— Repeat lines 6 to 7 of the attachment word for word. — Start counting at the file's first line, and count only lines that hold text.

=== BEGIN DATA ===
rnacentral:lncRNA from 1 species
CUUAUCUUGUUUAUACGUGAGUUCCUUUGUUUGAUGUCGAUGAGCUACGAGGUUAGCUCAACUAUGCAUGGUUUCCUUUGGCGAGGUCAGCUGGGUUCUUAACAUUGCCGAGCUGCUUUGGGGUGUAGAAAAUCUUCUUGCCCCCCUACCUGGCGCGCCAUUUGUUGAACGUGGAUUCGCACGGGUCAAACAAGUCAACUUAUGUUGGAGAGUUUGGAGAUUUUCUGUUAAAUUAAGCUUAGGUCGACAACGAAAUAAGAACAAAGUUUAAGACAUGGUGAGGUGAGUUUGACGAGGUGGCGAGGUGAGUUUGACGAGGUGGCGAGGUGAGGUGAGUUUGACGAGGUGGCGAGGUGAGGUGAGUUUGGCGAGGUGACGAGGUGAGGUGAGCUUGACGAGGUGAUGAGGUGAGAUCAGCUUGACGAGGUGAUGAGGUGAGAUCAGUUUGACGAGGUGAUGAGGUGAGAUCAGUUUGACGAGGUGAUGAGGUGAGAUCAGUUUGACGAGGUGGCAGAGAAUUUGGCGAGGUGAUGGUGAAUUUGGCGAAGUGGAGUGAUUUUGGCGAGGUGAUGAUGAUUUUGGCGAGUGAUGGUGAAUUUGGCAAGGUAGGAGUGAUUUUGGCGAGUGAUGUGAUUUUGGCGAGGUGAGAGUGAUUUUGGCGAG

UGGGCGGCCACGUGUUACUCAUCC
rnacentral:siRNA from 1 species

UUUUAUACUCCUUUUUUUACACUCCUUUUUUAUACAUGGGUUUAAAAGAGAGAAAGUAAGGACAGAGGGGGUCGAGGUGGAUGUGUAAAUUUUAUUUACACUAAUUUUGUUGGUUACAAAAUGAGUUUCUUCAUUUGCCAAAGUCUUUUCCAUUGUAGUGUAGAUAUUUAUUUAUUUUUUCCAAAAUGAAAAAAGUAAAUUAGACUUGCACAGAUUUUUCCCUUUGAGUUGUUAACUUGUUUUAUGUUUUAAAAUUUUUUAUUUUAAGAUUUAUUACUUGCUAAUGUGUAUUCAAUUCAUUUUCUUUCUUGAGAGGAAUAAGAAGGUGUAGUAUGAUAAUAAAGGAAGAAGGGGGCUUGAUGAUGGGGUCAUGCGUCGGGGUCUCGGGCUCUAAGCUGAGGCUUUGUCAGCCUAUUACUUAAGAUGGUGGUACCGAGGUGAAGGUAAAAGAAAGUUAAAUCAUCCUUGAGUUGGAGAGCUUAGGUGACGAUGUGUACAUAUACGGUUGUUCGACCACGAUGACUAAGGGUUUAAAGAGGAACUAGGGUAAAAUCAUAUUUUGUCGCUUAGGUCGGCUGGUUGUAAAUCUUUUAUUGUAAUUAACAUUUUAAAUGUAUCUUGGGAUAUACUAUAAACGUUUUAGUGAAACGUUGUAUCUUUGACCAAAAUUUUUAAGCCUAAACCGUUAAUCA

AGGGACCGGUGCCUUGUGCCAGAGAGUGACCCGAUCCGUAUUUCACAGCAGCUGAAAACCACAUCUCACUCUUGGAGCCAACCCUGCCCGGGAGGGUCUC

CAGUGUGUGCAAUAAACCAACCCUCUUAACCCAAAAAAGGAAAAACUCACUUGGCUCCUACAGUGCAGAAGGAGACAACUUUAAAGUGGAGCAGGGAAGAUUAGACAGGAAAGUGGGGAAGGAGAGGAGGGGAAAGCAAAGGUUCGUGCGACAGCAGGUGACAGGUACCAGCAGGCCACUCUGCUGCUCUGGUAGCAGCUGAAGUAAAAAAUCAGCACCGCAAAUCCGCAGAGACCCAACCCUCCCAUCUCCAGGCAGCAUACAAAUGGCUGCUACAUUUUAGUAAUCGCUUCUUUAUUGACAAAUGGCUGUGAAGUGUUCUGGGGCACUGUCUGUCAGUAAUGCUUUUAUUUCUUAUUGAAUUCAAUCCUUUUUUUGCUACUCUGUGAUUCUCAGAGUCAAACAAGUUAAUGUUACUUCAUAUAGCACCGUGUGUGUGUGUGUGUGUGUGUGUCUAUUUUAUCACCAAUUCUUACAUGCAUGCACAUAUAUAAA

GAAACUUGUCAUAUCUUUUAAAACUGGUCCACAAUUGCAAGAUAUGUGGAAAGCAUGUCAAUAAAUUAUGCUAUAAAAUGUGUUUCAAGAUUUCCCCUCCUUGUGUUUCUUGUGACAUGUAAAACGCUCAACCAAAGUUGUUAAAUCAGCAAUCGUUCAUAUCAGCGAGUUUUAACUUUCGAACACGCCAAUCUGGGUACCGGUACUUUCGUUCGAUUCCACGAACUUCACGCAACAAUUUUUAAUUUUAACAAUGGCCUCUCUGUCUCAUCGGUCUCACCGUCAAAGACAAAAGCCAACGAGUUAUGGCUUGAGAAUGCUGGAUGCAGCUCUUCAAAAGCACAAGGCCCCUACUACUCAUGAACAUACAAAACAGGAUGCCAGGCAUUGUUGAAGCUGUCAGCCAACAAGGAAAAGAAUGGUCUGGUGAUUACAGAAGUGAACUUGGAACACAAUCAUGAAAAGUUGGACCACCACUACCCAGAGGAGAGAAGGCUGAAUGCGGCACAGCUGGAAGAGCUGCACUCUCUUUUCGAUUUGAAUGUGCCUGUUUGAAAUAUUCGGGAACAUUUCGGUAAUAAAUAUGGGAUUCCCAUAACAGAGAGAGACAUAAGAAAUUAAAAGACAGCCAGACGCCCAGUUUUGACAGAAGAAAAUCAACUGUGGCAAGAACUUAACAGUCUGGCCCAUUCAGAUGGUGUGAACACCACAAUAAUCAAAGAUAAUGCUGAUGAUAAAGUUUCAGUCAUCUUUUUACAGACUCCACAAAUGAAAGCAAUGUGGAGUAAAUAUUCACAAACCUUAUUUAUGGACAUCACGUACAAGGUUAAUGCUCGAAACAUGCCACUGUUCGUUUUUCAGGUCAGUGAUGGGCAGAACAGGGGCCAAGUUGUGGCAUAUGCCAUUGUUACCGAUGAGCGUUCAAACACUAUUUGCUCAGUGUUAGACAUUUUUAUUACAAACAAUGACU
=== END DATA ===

AGGGACCGGUGCCUUGUGCCAGAGAGUGACCCGAUCCGUAUUUCACAGCAGCUGAAAACCACAUCUCACUCUUGGAGCCAACCCUGCCCGGGAGGGUCUC

CAGUGUGUGCAAUAAACCAACCCUCUUAACCCAAAAAAGGAAAAACUCACUUGGCUCCUACAGUGCAGAAGGAGACAACUUUAAAGUGGAGCAGGGAAGAUUAGACAGGAAAGUGGGGAAGGAGAGGAGGGGAAAGCAAAGGUUCGUGCGACAGCAGGUGACAGGUACCAGCAGGCCACUCUGCUGCUCUGGUAGCAGCUGAAGUAAAAAAUCAGCACCGCAAAUCCGCAGAGACCCAACCCUCCCAUCUCCAGGCAGCAUACAAAUGGCUGCUACAUUUUAGUAAUCGCUUCUUUAUUGACAAAUGGCUGUGAAGUGUUCUGGGGCACUGUCUGUCAGUAAUGCUUUUAUUUCUUAUUGAAUUCAAUCCUUUUUUUGCUACUCUGUGAUUCUCAGAGUCAAACAAGUUAAUGUUACUUCAUAUAGCACCGUGUGUGUGUGUGUGUGUGUGUGUCUAUUUUAUCACCAAUUCUUACAUGCAUGCACAUAUAUAAA